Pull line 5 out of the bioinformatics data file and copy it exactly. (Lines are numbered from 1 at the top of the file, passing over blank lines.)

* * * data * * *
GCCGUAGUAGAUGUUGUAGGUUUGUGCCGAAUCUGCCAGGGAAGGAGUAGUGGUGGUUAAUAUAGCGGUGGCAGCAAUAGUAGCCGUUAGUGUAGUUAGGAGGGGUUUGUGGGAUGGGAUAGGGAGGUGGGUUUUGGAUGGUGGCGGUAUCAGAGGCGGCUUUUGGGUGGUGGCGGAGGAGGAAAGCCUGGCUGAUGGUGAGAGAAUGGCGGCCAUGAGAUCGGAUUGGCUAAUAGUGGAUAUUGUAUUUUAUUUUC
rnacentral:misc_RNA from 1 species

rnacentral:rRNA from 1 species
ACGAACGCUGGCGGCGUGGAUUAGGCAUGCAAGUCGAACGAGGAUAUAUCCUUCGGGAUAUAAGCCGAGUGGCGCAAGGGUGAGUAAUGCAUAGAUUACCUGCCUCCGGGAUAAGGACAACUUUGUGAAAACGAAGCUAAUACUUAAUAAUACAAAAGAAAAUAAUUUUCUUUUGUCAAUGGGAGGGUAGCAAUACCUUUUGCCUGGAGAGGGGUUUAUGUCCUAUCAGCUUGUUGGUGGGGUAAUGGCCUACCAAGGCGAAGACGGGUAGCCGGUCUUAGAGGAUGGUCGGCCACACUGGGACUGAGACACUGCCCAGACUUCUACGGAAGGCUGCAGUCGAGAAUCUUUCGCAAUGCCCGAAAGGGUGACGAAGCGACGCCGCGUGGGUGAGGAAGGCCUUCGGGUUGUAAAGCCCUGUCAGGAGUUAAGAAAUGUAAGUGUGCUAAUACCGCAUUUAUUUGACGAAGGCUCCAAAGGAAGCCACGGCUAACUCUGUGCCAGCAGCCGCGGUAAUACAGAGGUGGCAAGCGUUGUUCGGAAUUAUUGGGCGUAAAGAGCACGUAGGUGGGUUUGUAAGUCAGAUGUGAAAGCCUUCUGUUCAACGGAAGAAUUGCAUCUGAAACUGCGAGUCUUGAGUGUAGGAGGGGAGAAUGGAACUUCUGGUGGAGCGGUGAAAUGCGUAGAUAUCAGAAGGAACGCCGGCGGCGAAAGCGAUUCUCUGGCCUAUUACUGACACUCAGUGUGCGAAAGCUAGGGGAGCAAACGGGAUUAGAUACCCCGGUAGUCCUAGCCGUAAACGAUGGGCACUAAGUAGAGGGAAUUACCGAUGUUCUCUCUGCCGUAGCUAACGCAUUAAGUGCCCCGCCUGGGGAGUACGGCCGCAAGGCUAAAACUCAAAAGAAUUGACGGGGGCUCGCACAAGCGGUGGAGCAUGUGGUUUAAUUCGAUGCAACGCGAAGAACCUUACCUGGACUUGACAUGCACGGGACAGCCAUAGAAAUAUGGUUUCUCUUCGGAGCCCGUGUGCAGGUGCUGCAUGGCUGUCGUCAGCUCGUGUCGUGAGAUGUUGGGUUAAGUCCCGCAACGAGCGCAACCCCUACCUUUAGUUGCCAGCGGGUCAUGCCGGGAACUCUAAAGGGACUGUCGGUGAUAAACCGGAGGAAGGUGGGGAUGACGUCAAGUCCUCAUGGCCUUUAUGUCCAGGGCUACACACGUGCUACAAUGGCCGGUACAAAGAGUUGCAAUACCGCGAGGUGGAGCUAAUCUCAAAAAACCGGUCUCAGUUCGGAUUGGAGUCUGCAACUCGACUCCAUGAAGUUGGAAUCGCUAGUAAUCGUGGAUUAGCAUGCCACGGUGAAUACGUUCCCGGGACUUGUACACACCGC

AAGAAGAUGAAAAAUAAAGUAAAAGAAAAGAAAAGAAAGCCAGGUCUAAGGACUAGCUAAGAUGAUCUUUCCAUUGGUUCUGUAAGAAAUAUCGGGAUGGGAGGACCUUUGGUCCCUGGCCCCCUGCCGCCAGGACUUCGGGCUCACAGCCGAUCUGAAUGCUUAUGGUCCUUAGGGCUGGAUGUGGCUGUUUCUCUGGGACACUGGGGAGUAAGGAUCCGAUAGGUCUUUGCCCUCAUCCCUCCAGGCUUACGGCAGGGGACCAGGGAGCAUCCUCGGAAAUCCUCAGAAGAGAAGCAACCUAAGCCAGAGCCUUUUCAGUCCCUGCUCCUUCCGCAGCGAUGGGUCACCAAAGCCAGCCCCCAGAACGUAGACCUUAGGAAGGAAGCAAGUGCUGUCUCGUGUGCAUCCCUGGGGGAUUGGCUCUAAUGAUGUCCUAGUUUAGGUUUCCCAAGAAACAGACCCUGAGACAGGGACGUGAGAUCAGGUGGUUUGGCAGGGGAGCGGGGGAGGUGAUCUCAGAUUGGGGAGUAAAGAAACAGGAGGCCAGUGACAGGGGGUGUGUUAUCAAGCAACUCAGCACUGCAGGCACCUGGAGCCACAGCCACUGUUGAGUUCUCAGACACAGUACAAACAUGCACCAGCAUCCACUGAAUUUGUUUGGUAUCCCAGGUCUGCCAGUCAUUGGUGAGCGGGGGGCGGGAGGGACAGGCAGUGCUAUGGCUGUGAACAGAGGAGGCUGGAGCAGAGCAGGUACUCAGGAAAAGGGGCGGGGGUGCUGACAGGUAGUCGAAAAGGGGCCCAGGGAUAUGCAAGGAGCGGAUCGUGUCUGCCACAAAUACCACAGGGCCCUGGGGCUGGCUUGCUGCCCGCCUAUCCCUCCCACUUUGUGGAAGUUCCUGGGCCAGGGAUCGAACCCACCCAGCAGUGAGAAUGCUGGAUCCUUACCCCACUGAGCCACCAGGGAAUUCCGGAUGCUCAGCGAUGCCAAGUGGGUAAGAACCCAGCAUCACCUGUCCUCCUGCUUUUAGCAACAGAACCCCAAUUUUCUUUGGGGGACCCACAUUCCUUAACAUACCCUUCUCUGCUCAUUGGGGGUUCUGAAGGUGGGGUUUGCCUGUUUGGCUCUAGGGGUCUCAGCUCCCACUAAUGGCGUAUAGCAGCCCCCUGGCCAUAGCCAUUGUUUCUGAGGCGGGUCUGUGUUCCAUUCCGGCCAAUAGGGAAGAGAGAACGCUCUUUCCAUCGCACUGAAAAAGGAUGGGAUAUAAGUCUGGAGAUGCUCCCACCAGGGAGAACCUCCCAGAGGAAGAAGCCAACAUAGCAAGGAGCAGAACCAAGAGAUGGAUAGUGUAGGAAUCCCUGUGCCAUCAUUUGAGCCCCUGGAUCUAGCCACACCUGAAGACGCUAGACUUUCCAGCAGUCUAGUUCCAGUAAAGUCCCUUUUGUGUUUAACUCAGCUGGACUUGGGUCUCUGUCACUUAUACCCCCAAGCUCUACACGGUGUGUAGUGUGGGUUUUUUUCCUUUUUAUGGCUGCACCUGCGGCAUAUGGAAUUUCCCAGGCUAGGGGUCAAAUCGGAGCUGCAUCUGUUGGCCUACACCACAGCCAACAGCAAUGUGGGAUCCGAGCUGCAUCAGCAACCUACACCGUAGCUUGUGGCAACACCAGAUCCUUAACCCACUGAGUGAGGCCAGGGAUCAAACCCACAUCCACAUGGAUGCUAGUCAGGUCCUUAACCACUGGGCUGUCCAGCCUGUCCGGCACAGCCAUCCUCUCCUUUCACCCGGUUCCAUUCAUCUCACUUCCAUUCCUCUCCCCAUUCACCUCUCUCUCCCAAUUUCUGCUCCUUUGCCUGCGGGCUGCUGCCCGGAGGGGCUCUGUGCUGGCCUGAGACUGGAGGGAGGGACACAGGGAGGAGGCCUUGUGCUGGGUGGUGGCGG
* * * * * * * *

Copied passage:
AAGAAGAUGAAAAAUAAAGUAAAAGAAAAGAAAAGAAAGCCAGGUCUAAGGACUAGCUAAGAUGAUCUUUCCAUUGGUUCUGUAAGAAAUAUCGGGAUGGGAGGACCUUUGGUCCCUGGCCCCCUGCCGCCAGGACUUCGGGCUCACAGCCGAUCUGAAUGCUUAUGGUCCUUAGGGCUGGAUGUGGCUGUUUCUCUGGGACACUGGGGAGUAAGGAUCCGAUAGGUCUUUGCCCUCAUCCCUCCAGGCUUACGGCAGGGGACCAGGGAGCAUCCUCGGAAAUCCUCAGAAGAGAAGCAACCUAAGCCAGAGCCUUUUCAGUCCCUGCUCCUUCCGCAGCGAUGGGUCACCAAAGCCAGCCCCCAGAACGUAGACCUUAGGAAGGAAGCAAGUGCUGUCUCGUGUGCAUCCCUGGGGGAUUGGCUCUAAUGAUGUCCUAGUUUAGGUUUCCCAAGAAACAGACCCUGAGACAGGGACGUGAGAUCAGGUGGUUUGGCAGGGGAGCGGGGGAGGUGAUCUCAGAUUGGGGAGUAAAGAAACAGGAGGCCAGUGACAGGGGGUGUGUUAUCAAGCAACUCAGCACUGCAGGCACCUGGAGCCACAGCCACUGUUGAGUUCUCAGACACAGUACAAACAUGCACCAGCAUCCACUGAAUUUGUUUGGUAUCCCAGGUCUGCCAGUCAUUGGUGAGCGGGGGGCGGGAGGGACAGGCAGUGCUAUGGCUGUGAACAGAGGAGGCUGGAGCAGAGCAGGUACUCAGGAAAAGGGGCGGGGGUGCUGACAGGUAGUCGAAAAGGGGCCCAGGGAUAUGCAAGGAGCGGAUCGUGUCUGCCACAAAUACCACAGGGCCCUGGGGCUGGCUUGCUGCCCGCCUAUCCCUCCCACUUUGUGGAAGUUCCUGGGCCAGGGAUCGAACCCACCCAGCAGUGAGAAUGCUGGAUCCUUACCCCACUGAGCCACCAGGGAAUUCCGGAUGCUCAGCGAUGCCAAGUGGGUAAGAACCCAGCAUCACCUGUCCUCCUGCUUUUAGCAACAGAACCCCAAUUUUCUUUGGGGGACCCACAUUCCUUAACAUACCCUUCUCUGCUCAUUGGGGGUUCUGAAGGUGGGGUUUGCCUGUUUGGCUCUAGGGGUCUCAGCUCCCACUAAUGGCGUAUAGCAGCCCCCUGGCCAUAGCCAUUGUUUCUGAGGCGGGUCUGUGUUCCAUUCCGGCCAAUAGGGAAGAGAGAACGCUCUUUCCAUCGCACUGAAAAAGGAUGGGAUAUAAGUCUGGAGAUGCUCCCACCAGGGAGAACCUCCCAGAGGAAGAAGCCAACAUAGCAAGGAGCAGAACCAAGAGAUGGAUAGUGUAGGAAUCCCUGUGCCAUCAUUUGAGCCCCUGGAUCUAGCCACACCUGAAGACGCUAGACUUUCCAGCAGUCUAGUUCCAGUAAAGUCCCUUUUGUGUUUAACUCAGCUGGACUUGGGUCUCUGUCACUUAUACCCCCAAGCUCUACACGGUGUGUAGUGUGGGUUUUUUUCCUUUUUAUGGCUGCACCUGCGGCAUAUGGAAUUUCCCAGGCUAGGGGUCAAAUCGGAGCUGCAUCUGUUGGCCUACACCACAGCCAACAGCAAUGUGGGAUCCGAGCUGCAUCAGCAACCUACACCGUAGCUUGUGGCAACACCAGAUCCUUAACCCACUGAGUGAGGCCAGGGAUCAAACCCACAUCCACAUGGAUGCUAGUCAGGUCCUUAACCACUGGGCUGUCCAGCCUGUCCGGCACAGCCAUCCUCUCCUUUCACCCGGUUCCAUUCAUCUCACUUCCAUUCCUCUCCCCAUUCACCUCUCUCUCCCAAUUUCUGCUCCUUUGCCUGCGGGCUGCUGCCCGGAGGGGCUCUGUGCUGGCCUGAGACUGGAGGGAGGGACACAGGGAGGAGGCCUUGUGCUGGGUGGUGGCGG